Genus of a curve
A numerical invariant of a one-dimensional algebraic variety defined over a field . The genus of a smooth complete algebraic curve is equal to the dimension of the space of regular differential -forms on (cf. Differential form). The genus of an algebraic curve is equal, by definition, to the genus of the complete algebraic curve birationally isomorphic to . For any integer there exists an algebraic curve of genus . An algebraic curve of genus over an algebraically closed field is a rational curve, i.e. it is birationally isomorphic to the projective line . Curves of genus (elliptic curves, cf. Elliptic curve) are birationally isomorphic to smooth cubic curves in . The algebraic curves of genus fall into two classes: hyper-elliptic curves and non-hyper-elliptic curves. For non-hyper-elliptic curves the rational mapping defined by the canonical class of the complete smooth curve is an isomorphic imbedding. For a hyper-elliptic curve the mapping is a two-sheeted covering of a rational curve, , ramified at points.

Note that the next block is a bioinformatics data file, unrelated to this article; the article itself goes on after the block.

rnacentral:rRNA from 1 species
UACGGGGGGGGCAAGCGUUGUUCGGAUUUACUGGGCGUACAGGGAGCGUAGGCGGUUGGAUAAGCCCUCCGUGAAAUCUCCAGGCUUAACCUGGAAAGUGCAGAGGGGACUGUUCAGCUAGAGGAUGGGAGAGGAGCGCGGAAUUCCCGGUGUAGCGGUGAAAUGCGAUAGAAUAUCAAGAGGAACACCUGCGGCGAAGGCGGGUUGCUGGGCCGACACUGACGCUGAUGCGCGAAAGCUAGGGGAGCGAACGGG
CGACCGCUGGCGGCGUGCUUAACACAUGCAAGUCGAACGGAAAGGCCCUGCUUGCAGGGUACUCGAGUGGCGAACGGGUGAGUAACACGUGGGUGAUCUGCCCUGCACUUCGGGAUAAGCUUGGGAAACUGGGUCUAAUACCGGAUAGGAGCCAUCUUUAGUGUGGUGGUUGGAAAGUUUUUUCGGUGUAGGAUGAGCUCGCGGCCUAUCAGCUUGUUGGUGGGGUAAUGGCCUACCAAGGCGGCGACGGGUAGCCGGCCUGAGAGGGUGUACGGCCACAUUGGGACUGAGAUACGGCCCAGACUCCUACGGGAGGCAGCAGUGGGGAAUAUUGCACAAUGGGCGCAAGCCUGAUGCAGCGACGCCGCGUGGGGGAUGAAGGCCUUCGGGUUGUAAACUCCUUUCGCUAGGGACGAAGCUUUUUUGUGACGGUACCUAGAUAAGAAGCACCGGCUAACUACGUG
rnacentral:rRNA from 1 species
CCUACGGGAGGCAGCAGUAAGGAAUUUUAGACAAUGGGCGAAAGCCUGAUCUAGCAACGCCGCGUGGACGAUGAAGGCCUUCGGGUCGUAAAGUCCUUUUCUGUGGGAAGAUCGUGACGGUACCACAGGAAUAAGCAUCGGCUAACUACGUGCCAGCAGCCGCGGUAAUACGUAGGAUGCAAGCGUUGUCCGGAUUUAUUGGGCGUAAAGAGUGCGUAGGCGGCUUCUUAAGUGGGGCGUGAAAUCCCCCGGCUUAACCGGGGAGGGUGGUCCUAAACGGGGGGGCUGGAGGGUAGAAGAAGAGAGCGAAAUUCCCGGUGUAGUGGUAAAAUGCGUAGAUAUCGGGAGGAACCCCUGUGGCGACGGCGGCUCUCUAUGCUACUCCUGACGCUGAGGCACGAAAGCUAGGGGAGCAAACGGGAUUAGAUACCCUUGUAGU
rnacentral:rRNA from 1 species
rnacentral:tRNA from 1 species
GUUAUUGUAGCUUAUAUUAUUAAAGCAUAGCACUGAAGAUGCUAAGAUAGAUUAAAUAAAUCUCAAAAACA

If is a projective plane curve of degree , then
where is a non-negative integer measuring the deviation from smoothness of . If has only ordinary double points, then is equal to the number of singular points of . For a curve in space the following estimate is valid:
where is the degree of in .
If is the field of complex numbers, then an algebraic curve is the same as a Riemann surface. In this case the smooth complex curve of genus is homeomorphic to the sphere with handles.
|||I.R. Shafarevich, "Basic algebraic geometry" , Springer (1977) (Translated from Russian)|
|||R. Hartshorne, "Algebraic geometry" , Springer (1977) pp. 91|
|[a1]||G. Springer, "Introduction to Riemann surfaces" , Addison-Wesley (1957) pp. Chapt.10|
|[a2]||P.A. Griffiths, J.E. Harris, "Principles of algebraic geometry" , Wiley (Interscience) (1978)|
Genus of a curve. Encyclopedia of Mathematics. URL: http://encyclopediaofmath.org/index.php?title=Genus_of_a_curve&oldid=13874